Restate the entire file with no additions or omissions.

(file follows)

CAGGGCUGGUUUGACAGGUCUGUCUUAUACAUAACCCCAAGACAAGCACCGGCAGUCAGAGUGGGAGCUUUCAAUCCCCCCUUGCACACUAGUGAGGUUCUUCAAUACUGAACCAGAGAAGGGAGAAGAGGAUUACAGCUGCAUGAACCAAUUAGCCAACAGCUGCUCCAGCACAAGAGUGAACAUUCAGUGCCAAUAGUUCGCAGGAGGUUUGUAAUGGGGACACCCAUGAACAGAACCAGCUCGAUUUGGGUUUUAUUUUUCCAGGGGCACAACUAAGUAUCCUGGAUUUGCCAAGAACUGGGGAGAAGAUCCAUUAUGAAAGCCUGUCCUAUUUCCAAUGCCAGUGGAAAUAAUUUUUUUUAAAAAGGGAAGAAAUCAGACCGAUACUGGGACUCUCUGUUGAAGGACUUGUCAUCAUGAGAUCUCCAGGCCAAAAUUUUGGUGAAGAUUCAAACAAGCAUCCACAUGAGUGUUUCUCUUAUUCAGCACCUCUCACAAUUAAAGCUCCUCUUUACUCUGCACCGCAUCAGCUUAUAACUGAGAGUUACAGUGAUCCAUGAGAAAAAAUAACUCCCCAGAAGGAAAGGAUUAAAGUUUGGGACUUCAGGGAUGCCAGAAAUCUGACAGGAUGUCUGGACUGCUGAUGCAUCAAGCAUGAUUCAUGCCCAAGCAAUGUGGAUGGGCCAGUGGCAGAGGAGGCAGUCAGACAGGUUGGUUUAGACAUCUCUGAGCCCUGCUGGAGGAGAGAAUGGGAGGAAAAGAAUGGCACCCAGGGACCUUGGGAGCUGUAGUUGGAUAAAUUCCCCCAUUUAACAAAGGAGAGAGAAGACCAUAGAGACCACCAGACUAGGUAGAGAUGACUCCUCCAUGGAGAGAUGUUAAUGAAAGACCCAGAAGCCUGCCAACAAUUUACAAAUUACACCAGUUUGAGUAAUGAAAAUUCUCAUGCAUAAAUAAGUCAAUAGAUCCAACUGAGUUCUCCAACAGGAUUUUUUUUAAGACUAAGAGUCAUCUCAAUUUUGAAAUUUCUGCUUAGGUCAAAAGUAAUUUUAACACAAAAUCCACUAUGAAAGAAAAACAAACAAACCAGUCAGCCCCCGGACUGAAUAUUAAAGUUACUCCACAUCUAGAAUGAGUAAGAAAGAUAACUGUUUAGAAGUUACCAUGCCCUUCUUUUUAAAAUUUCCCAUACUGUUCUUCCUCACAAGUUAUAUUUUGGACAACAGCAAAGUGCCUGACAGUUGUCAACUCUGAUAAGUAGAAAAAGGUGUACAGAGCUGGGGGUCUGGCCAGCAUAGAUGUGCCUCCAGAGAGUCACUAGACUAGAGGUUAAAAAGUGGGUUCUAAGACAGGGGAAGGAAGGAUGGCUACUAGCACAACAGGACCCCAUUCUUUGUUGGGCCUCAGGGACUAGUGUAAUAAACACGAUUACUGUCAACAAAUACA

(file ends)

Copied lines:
CAGGGCUGGUUUGACAGGUCUGUCUUAUACAUAACCCCAAGACAAGCACCGGCAGUCAGAGUGGGAGCUUUCAAUCCCCCCUUGCACACUAGUGAGGUUCUUCAAUACUGAACCAGAGAAGGGAGAAGAGGAUUACAGCUGCAUGAACCAAUUAGCCAACAGCUGCUCCAGCACAAGAGUGAACAUUCAGUGCCAAUAGUUCGCAGGAGGUUUGUAAUGGGGACACCCAUGAACAGAACCAGCUCGAUUUGGGUUUUAUUUUUCCAGGGGCACAACUAAGUAUCCUGGAUUUGCCAAGAACUGGGGAGAAGAUCCAUUAUGAAAGCCUGUCCUAUUUCCAAUGCCAGUGGAAAUAAUUUUUUUUAAAAAGGGAAGAAAUCAGACCGAUACUGGGACUCUCUGUUGAAGGACUUGUCAUCAUGAGAUCUCCAGGCCAAAAUUUUGGUGAAGAUUCAAACAAGCAUCCACAUGAGUGUUUCUCUUAUUCAGCACCUCUCACAAUUAAAGCUCCUCUUUACUCUGCACCGCAUCAGCUUAUAACUGAGAGUUACAGUGAUCCAUGAGAAAAAAUAACUCCCCAGAAGGAAAGGAUUAAAGUUUGGGACUUCAGGGAUGCCAGAAAUCUGACAGGAUGUCUGGACUGCUGAUGCAUCAAGCAUGAUUCAUGCCCAAGCAAUGUGGAUGGGCCAGUGGCAGAGGAGGCAGUCAGACAGGUUGGUUUAGACAUCUCUGAGCCCUGCUGGAGGAGAGAAUGGGAGGAAAAGAAUGGCACCCAGGGACCUUGGGAGCUGUAGUUGGAUAAAUUCCCCCAUUUAACAAAGGAGAGAGAAGACCAUAGAGACCACCAGACUAGGUAGAGAUGACUCCUCCAUGGAGAGAUGUUAAUGAAAGACCCAGAAGCCUGCCAACAAUUUACAAAUUACACCAGUUUGAGUAAUGAAAAUUCUCAUGCAUAAAUAAGUCAAUAGAUCCAACUGAGUUCUCCAACAGGAUUUUUUUUAAGACUAAGAGUCAUCUCAAUUUUGAAAUUUCUGCUUAGGUCAAAAGUAAUUUUAACACAAAAUCCACUAUGAAAGAAAAACAAACAAACCAGUCAGCCCCCGGACUGAAUAUUAAAGUUACUCCACAUCUAGAAUGAGUAAGAAAGAUAACUGUUUAGAAGUUACCAUGCCCUUCUUUUUAAAAUUUCCCAUACUGUUCUUCCUCACAAGUUAUAUUUUGGACAACAGCAAAGUGCCUGACAGUUGUCAACUCUGAUAAGUAGAAAAAGGUGUACAGAGCUGGGGGUCUGGCCAGCAUAGAUGUGCCUCCAGAGAGUCACUAGACUAGAGGUUAAAAAGUGGGUUCUAAGACAGGGGAAGGAAGGAUGGCUACUAGCACAACAGGACCCCAUUCUUUGUUGGGCCUCAGGGACUAGUGUAAUAAACACGAUUACUGUCAACAAAUACA